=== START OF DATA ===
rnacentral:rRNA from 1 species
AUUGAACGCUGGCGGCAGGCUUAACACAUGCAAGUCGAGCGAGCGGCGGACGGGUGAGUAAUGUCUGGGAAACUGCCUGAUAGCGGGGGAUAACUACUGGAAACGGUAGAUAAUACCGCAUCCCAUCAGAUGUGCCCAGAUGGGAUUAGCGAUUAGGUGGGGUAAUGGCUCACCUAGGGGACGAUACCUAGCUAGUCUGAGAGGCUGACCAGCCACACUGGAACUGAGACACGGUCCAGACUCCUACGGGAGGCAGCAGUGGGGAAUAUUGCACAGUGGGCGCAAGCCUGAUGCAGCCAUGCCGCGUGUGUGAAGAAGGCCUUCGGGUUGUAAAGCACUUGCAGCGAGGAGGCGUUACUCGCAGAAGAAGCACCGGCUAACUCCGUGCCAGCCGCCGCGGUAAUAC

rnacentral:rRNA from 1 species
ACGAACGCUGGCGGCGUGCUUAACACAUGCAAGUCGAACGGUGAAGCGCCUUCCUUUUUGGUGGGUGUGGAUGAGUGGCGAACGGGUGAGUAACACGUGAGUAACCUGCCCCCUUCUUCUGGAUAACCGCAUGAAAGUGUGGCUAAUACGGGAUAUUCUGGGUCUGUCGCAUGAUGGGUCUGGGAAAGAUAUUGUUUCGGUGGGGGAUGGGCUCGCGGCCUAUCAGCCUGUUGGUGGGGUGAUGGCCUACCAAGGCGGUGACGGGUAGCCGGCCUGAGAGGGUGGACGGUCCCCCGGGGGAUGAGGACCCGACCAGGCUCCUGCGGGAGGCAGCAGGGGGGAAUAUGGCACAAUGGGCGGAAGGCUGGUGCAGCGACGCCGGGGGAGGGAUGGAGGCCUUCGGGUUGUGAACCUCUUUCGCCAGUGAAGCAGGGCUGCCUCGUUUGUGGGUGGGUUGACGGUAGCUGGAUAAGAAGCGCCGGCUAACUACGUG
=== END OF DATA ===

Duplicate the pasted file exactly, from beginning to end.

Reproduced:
rnacentral:rRNA from 1 species
AUUGAACGCUGGCGGCAGGCUUAACACAUGCAAGUCGAGCGAGCGGCGGACGGGUGAGUAAUGUCUGGGAAACUGCCUGAUAGCGGGGGAUAACUACUGGAAACGGUAGAUAAUACCGCAUCCCAUCAGAUGUGCCCAGAUGGGAUUAGCGAUUAGGUGGGGUAAUGGCUCACCUAGGGGACGAUACCUAGCUAGUCUGAGAGGCUGACCAGCCACACUGGAACUGAGACACGGUCCAGACUCCUACGGGAGGCAGCAGUGGGGAAUAUUGCACAGUGGGCGCAAGCCUGAUGCAGCCAUGCCGCGUGUGUGAAGAAGGCCUUCGGGUUGUAAAGCACUUGCAGCGAGGAGGCGUUACUCGCAGAAGAAGCACCGGCUAACUCCGUGCCAGCCGCCGCGGUAAUAC

rnacentral:rRNA from 1 species
ACGAACGCUGGCGGCGUGCUUAACACAUGCAAGUCGAACGGUGAAGCGCCUUCCUUUUUGGUGGGUGUGGAUGAGUGGCGAACGGGUGAGUAACACGUGAGUAACCUGCCCCCUUCUUCUGGAUAACCGCAUGAAAGUGUGGCUAAUACGGGAUAUUCUGGGUCUGUCGCAUGAUGGGUCUGGGAAAGAUAUUGUUUCGGUGGGGGAUGGGCUCGCGGCCUAUCAGCCUGUUGGUGGGGUGAUGGCCUACCAAGGCGGUGACGGGUAGCCGGCCUGAGAGGGUGGACGGUCCCCCGGGGGAUGAGGACCCGACCAGGCUCCUGCGGGAGGCAGCAGGGGGGAAUAUGGCACAAUGGGCGGAAGGCUGGUGCAGCGACGCCGGGGGAGGGAUGGAGGCCUUCGGGUUGUGAACCUCUUUCGCCAGUGAAGCAGGGCUGCCUCGUUUGUGGGUGGGUUGACGGUAGCUGGAUAAGAAGCGCCGGCUAACUACGUG